I can hardly imagine a sadder title for a report than this. Such an indictment on our society, vulnerable young people let down in so many ways by so many people. Here are some words from the introduction to the report:
We cannot afford to delude ourselves into thinking that the disturbing reality exposed in this report is confined to just a few trouble spots. It is hard not to feel despair when reading this report. But we cannot afford the luxury of despair. The time for action is now.
This report is above all about the abuse of power. Power and control exerted by those who perceive themselves to be strong against those perceived as weak. Difficult as it may be to accept, the boys who are gang-involved and perpetrate this violence are also invariably powerless within the wider context of society. They grow up on the margins, frequently living in fear, inevitably exerting their power where they can, invariably in perverted ways. The final message therefore is that each of us has a role to play in combating the attitudes exposed in this report. From national and local government through to communities and individuals, we must support boys and young men to value healthy relationships and to understand ‘consent’. We must work with all children to ensure women and girls are treated with respect, that there is a clear message that the sexual objectification of females will not be tolerated, and that children are brought up with hope and opportunities, channelling their energies and resourcefulness for their own and society’s good.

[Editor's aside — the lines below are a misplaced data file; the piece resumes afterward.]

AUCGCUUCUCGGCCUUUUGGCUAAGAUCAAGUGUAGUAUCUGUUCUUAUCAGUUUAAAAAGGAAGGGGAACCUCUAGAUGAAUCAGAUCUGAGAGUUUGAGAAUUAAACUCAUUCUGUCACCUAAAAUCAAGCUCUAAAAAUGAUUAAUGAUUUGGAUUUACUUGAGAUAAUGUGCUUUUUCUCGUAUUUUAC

It makes gruelling reading and made headlines in most of the media yesterday but it needs to be more than yesterday’s headlines. So often there is a knee-jerk reaction to a report such as this but we need long term systemic change. An unequal society where people do not feel as if they have a stake breeds problems. The lack of hope in a future which has a purpose and which sustains young people’s self-esteem is problematic.
Thirty years ago I was working in a home for young women in south London. I still remember one of them saying to us as it became apparent that she was pregnant that she hadn’t told anyone she had been raped because she didn’t think anyone would believe her. I was saddened then and am sadder still that thirty years on it is probably even more difficult to be a young woman with the proliferation of expectations, media images, misogyny and bullying which is so much more prevalent now than when I was a young woman.
I regularly pray your Kingdom come on earth as it is heaven, as Christians and as churches we need to be joining our voices and actions with those who are trying to make a difference. I am grateful for those I know, particularly the women who are engaged in a process of conscientization about such issues and I have a renewed determination to work for society where the words “It’s wrong but you get used to it” no longer need to be spoken.